(с) Eurofer

Steelmakers and industrialists from other energy-intensive industries emphasize the impossibility of continuing production in Europe under current conditions

EUROFER, the European Steel Producers’ Association, called on the EU to urgently introduce general measures aimed at limiting gas prices. European steelmakers also insist that electricity prices should not be related to gas prices, they should be separated. An open letter posted on the organization’s website informs about it.

“Spot gas prices in the EU reached a maximum of €334/MWh two weeks ago. This is 15 times higher than the pre-crisis level, 10 times higher than prices in the US and significantly higher than prices in Asia. So it is clear that the relation with a normal market is lost. Beyond the current impact on citizens through inflation, destructive consequences on gas and electricity industrial users are inevitable,” the letter emphasizes.

As EUROFER notes, in recent weeks, many industrial enterprises have temporarily stopped or reduced production in Europe, and in the coming weeks there will be more of them.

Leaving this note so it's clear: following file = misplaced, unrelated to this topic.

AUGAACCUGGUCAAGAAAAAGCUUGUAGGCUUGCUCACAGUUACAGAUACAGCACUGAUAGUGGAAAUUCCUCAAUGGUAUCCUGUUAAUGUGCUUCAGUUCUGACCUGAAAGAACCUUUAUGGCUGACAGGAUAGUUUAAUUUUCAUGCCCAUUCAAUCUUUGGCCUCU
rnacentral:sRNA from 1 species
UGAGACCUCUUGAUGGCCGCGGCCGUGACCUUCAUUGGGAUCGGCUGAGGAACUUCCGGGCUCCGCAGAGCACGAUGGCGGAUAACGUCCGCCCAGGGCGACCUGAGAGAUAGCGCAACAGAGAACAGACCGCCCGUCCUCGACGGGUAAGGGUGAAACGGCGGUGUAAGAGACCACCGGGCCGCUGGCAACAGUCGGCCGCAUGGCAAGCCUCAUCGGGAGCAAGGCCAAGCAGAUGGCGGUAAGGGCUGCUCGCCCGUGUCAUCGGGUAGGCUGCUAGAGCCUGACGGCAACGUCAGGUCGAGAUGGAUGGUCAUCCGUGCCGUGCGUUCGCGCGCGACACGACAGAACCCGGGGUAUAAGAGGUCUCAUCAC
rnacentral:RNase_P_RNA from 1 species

“These massive plants curtailments will increase Europe’s dependency on third markets for strategic supply chains and will drastically increase the global carbon emissions,” the statement said.

The signatories point out that for many energy intensive industries there is currently no business case to continue production in Europe. Industrialists are also unable to decide on investments and plans for further development. Production cuts are already beginning to have a serious impact on production and distribution chains. This puts the European industrial base and the availability of basic products at risk.

Steel producers, together with industrialists from other energy-intensive industries, call on the EU to introduce the following pan-European measures:

  • limit the price of natural gas;
  • separate electricity prices from gas prices;
  • adjust the framework of the temporary crisis.

The joint letter of energy-intensive industries’ representatives is addressed to the head of the European Commission Ursula von der Leyen and the Czech Republic, which presides over the EU.

As GMK Center reported earlier, gas prices in Europe increased against the backdrop of Russia’s refusal to launch the gas pipeline. The rise in prices was short-lived, as high gas reserves in the EU made it possible to quickly overcome the panic on the market.